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Legislative Assembly for the ACT: 1999 Week 9 Hansard (31 August) . . Page.. 2656 ..

MS TUCKER (5.38): I think that is a stunning statement. Always remember that Mr Smyth knows that we will never know anything more about remediation because we know that the technology that exists now is as good as it is ever going to get in terms of understanding the impact of contaminants. That is a really amazing statement, Mr Smyth. The precautionary principle takes into account the fact that knowledge does increase in particular areas, that there may well be a greater understanding of the impact of contaminants and that we may need to use better technology developed later to remediate this land, in which case we will need to be able to trace the locations.

As Mr Corbell said, it is also a basic consumer right to know. In Canberra you could easily be buying a piece of land that was once a petrol station. There are lots of sites like that now. You are choosing to buy that land as a resident. It will be zoned residential. In the future, someone may be very interested to know whether it was once a petrol station site, particular if they are chemical sensitive. There are such people in our society - a growing number, in fact. This is really a very unacceptable position from a government that claims to have this very strong commitment to the environment and to health issues.

Mr Smyth pointed out that we object sometimes when government policies seem to be supported only by the fact that New South Wales does it, but standards are always part of the debate, something which Mr Smyth omitted to acknowledge. In this case, New South Wales has a higher standard, so we are quite prepared to encourage this Government to have a high standard on this important environmental and health issue.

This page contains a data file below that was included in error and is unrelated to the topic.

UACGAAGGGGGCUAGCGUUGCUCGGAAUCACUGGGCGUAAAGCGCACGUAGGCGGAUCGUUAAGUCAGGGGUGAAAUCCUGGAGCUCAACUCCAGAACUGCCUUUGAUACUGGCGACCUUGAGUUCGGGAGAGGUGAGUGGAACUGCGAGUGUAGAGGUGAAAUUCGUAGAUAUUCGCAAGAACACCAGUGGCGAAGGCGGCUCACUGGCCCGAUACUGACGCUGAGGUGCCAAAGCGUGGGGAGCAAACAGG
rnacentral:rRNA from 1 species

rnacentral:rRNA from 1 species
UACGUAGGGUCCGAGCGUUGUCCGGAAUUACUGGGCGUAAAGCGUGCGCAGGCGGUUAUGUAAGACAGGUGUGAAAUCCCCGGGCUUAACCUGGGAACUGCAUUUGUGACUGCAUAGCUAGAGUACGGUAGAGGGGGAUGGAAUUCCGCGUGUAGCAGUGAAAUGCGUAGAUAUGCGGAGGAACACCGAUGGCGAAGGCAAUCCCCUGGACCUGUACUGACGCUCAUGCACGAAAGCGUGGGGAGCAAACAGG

MR CORBELL (5.40): The Minister seems to confuse the issue of having entries on the contaminated sites register. He is saying they are either remediated or not. My understanding of Ms Tucker's amendments is that she provides for a category on the register that indicates sites that have been remediated, and that is where these sites would go. There is very legitimate community concern that people should know what has occurred on a piece of land. People should know where contamination has occurred, even if the contamination has been addressed in accordance with Acts such as the Environment Protection Act.

I heard the Chief Minister comment, "We removed the soil". Removal of soil certainly occurs in a large number of contaminated sites but not all of them. There are other ways of addressing remediation. Those techniques do not always involve the removal of soil.

The bottom line is that a householder or a would-be householder should not have to resort to the Freedom of Information Act to know what has occurred on the land that they are purchasing. If that is the Government's answer, it is an unacceptable one. You should not have to resort to an FOI when you are contemplating purchasing a block of land.

If there has been remediation, and if the Government is so confident that remediation has been successful, then they should not be afraid of making a list of sites available. If they have nothing to hide, if they have nothing to be concerned about, then they should not be afraid of putting those sites on a list in the register. That is what these

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